In “Do You Need to Match the Edges?” we looked at a homestead claim relinquishment” signed by John H. Aden in 1872. As indicated in that post, John H. Aden filed his initial claim to the property on 7 June 1872. Typically these claims are recorded in the tract book. There is no entry in the BLM tract book for section thirty in township 14 north 1 east for John H. Aden as shown in the image below.
There is an entry for Roolf J. Aden on the property he eventually homestead, but John H. Aden is not referenced as being an earlier claimant on the land. There are two other Adens who settled in the same section and they are likely relatives of Roolf or John H. Aden.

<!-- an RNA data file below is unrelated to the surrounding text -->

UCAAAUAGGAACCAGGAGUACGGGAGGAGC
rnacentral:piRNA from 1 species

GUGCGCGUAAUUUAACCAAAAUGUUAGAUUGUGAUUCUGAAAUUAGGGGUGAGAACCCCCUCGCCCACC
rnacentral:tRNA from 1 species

This raises an interesting research question and consideration. Typically researchers are advised to search these tract books for areas where their relatives are known to have homesteaded or patented land in order to locate patentees in the same general area who may have the same last name as the patentee or be known to the researcher.
I have seen incomplete or relinquished claims listed in the tract book and as we’ve mentioned in other blog posts, those claims can contain significant information.
But now I’m wondering:
How many of these relinquished claims do not appear in the tract book?
I don’t know. It could be that John H. Aden is a fluke.
Or maybe not.
Another example of why sometimes finding aids are not considered to be failsafe.